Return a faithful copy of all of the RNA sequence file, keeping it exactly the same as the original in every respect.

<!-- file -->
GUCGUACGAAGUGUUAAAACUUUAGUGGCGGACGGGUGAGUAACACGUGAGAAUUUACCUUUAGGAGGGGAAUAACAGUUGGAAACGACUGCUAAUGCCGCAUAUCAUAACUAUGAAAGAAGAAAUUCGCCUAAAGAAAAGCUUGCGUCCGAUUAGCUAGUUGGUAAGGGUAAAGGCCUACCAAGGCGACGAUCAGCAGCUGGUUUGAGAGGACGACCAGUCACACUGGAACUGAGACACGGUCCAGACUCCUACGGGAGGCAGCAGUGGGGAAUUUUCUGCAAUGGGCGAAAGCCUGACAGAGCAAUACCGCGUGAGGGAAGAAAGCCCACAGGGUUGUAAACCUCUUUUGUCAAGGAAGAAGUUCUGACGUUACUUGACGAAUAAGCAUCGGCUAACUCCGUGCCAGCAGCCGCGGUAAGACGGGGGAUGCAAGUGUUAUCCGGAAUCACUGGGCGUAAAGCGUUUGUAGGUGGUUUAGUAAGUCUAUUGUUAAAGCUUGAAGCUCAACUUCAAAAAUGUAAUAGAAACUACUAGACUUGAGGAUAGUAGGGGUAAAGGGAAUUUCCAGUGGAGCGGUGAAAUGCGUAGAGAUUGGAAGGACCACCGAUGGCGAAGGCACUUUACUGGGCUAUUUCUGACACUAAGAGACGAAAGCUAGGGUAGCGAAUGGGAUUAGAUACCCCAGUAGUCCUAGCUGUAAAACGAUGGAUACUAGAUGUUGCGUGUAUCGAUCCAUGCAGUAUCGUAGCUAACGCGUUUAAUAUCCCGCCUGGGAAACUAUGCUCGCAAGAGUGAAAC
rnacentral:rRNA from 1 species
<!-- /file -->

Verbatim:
GUCGUACGAAGUGUUAAAACUUUAGUGGCGGACGGGUGAGUAACACGUGAGAAUUUACCUUUAGGAGGGGAAUAACAGUUGGAAACGACUGCUAAUGCCGCAUAUCAUAACUAUGAAAGAAGAAAUUCGCCUAAAGAAAAGCUUGCGUCCGAUUAGCUAGUUGGUAAGGGUAAAGGCCUACCAAGGCGACGAUCAGCAGCUGGUUUGAGAGGACGACCAGUCACACUGGAACUGAGACACGGUCCAGACUCCUACGGGAGGCAGCAGUGGGGAAUUUUCUGCAAUGGGCGAAAGCCUGACAGAGCAAUACCGCGUGAGGGAAGAAAGCCCACAGGGUUGUAAACCUCUUUUGUCAAGGAAGAAGUUCUGACGUUACUUGACGAAUAAGCAUCGGCUAACUCCGUGCCAGCAGCCGCGGUAAGACGGGGGAUGCAAGUGUUAUCCGGAAUCACUGGGCGUAAAGCGUUUGUAGGUGGUUUAGUAAGUCUAUUGUUAAAGCUUGAAGCUCAACUUCAAAAAUGUAAUAGAAACUACUAGACUUGAGGAUAGUAGGGGUAAAGGGAAUUUCCAGUGGAGCGGUGAAAUGCGUAGAGAUUGGAAGGACCACCGAUGGCGAAGGCACUUUACUGGGCUAUUUCUGACACUAAGAGACGAAAGCUAGGGUAGCGAAUGGGAUUAGAUACCCCAGUAGUCCUAGCUGUAAAACGAUGGAUACUAGAUGUUGCGUGUAUCGAUCCAUGCAGUAUCGUAGCUAACGCGUUUAAUAUCCCGCCUGGGAAACUAUGCUCGCAAGAGUGAAAC
rnacentral:rRNA from 1 species